Jennifer Granholm’s energy record in Michigan should frighten America


President-elect Joe Biden is set to appoint former Michigan Gov. Jennifer Granholm to lead the U.S. Department of Energy. That’s a foolish decision that should frighten every American taxpayer. A big part of her job will be to dole out taxpayer dollars to “green” companies and industries favored by the Biden administration — a strategy she deployed in Michigan, but with little to show for it.

When Granholm was governor, she directed hundreds of millions of dollars to politically favored companies in the hopes of creating “green” jobs. She famously promised Michiganders, “In five years, you’re going to be blown away.”

That prediction came true in a way: Michigan taxpayers were shocked at how spectacularly the effort failed. Her key subsidy program, the Michigan Economic Growth Authority, approved billions of dollars in tax credits for 434 projects. A Mackinac Center analysis found that only 10, or 2.3%, of those projects were successful in meeting their job creation promises. Despite the lack of success in creating jobs, the deals she made still cost Michigan taxpayers today billions even though she left office a decade ago.

Granholm’s many massive failures

The list of failures is long and includes:

► A123 Systems: This Ann Arbor electric car battery manufacturer was heavily touted by Granholm and then-president Obama, with promises of hundreds and thousands of jobs. Despite receiving hundreds of millions of state and federal dollars, A123 went bankrupt and has abandoned manufacturing batteries in Michigan.

Jennifer Granholm on July 28, 2016, in Philadelphia, Pennsylvania.
Jennifer Granholm on July 28, 2016, in Philadelphia, Pennsylvania.

► LG Chem: The state offered $125 million to this company in an effort to make Michigan “the world capital for advanced batteries.” But the demand for advanced batteries wasn’t there, and with nothing productive to do, workers were discovered watching movies and playing games. They remained on the payroll so the company could continue to qualify for federal grant money. After reshuffling, the plant got back up and running and today is in production with hundreds working. But during the Graholm era, which promised hundreds of jobs in a few years, the company was praised in nine press releases while producing zero batteries.

► Other battery company failures: Granholm said Michigan would see “up to 40,000 great new (battery) jobs by 2020.” It’s 2020, and none of the battery companies met their job projections with several going through bankruptcy, and Michigan has fewer than 5% of the promised battery manufacturing jobs.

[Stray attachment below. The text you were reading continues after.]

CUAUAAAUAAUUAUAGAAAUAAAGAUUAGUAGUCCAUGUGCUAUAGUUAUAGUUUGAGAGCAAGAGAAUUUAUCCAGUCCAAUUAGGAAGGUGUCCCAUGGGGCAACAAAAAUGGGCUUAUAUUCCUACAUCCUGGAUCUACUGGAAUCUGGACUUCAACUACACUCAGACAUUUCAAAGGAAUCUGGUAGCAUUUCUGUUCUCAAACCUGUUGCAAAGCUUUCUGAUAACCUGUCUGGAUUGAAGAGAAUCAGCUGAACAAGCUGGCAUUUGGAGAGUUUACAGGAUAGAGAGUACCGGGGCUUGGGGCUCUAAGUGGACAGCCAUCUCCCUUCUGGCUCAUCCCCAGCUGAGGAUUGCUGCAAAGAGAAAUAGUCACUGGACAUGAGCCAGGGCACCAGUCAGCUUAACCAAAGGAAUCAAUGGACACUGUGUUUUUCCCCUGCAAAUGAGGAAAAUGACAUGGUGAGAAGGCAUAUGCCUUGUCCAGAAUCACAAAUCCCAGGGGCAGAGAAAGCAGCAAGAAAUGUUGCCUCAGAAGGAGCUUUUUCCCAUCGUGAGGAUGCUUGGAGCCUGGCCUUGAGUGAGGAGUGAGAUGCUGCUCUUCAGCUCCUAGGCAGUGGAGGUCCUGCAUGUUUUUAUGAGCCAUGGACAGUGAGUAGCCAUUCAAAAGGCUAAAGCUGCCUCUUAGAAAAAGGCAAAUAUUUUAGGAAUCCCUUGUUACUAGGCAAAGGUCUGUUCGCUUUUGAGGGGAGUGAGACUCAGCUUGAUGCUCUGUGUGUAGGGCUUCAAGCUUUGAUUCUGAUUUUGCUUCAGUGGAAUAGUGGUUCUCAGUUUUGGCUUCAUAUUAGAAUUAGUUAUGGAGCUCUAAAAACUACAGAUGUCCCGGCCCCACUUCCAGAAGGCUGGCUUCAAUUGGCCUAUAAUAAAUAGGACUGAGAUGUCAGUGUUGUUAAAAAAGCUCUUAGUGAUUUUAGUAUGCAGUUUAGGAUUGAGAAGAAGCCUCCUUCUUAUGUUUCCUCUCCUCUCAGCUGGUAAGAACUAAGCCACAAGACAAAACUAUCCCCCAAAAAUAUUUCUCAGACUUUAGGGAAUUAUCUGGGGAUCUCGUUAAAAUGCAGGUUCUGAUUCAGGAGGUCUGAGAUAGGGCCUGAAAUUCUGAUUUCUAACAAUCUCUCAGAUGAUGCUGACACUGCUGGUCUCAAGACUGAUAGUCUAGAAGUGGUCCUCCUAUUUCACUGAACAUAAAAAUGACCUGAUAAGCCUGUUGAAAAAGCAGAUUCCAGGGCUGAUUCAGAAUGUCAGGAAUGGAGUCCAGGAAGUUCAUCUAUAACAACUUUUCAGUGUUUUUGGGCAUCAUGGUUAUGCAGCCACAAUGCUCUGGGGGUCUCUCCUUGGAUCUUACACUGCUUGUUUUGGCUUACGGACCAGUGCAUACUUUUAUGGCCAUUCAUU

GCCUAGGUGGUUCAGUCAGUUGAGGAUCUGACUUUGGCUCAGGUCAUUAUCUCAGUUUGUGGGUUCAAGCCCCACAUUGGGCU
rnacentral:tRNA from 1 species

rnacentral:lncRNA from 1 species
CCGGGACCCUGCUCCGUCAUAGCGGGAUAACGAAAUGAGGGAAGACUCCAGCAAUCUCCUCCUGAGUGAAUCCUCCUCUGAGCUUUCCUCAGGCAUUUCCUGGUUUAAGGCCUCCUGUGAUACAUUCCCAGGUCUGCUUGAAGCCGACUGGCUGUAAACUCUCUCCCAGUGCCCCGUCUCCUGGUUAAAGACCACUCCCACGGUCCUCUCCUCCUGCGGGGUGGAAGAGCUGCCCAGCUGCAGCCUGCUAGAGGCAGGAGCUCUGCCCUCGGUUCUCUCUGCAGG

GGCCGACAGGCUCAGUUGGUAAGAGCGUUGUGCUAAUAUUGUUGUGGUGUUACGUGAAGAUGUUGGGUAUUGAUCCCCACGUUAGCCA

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► Mascoma: The Upper Peninsula project was supposed to convert biomass into ethanol. Instead, it turned tax dollars into nothing. The Granholm administration awarded it a $20 million grant and the federal energy department approved up to $100 million. The company’s intellectual property was sold off and the plant was never built.

► Wixom: The shuttered Ford plant was supposed to get new life as a $725 million renewable energy park. Granholm said it would be “symbolic for Michigan in what we’re going to become.” Let’s hope not. The state approved a $100 million credit for a promised 4,000 news jobs. The energy park idea was scrapped two years later and the land was repurposed for another, more successful, project.

► Solar sore spots: Touting taxpayer investments in solar energy companies, Granholm said “Michigan would lead the green revolution.” The $250 million Saginaw-area project from Suniva pledged 500 jobs, but they didn’t materialize. United Solar Ovonics cashed in on state and federal subsidies with a pledge of more than 1,000 jobs; its parts were sold off in 2012. Evergreen Solar went bankrupt. GlobalWatt, approved for $42 million, also shut down.

Michiganders are still paying for Granholm’s failures

► RASCO: Perhaps the greatest embarrassment of the Granholm era was the “RASCO fiasco.” The governor appeared at a press conference with Richard Short to promote $9 million in tax credits to create jobs in Flint through his “cutting-edge” company. One problem: Short’s parole officer saw the press conference and alerted the state that he was a convicted embezzler with a “history of scams.” He was living in a borrowed trailer when he was approved for state tax credits. Short ultimately went back to prison.

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This is the record of the “green leader” who Biden has tapped to head the U.S. Department of Energy. Michigan taxpayers are still paying for the billions of dollars she wasted during her time in office. Picking and choosing economic winners wasn’t as easy as she thought, and Michigan taxpayers were the biggest losers.

Now Jennifer Granholm is set to bring her record to the national stage. She’ll try to make good on Biden’s promise to “accelerat[e] cutting-edge technologies” in the “green” space. With her at the helm, you can expect the Biden administration to repeat Michigan’s corporate welfare failure, but on a much grander and costlier scale.

Jarrett Skorup the director of marketing and communications at the Mackinac Center for Public Policy, based in Midland, Michigan.

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This article originally appeared on USA TODAY: Biden’s mistake: Jennifer Granholm is a bad pick to lead energy department

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Arup Mandal is a reporter, contributor, reviewer & image editor of Azad Hind News. Arup have well experience in reporting .

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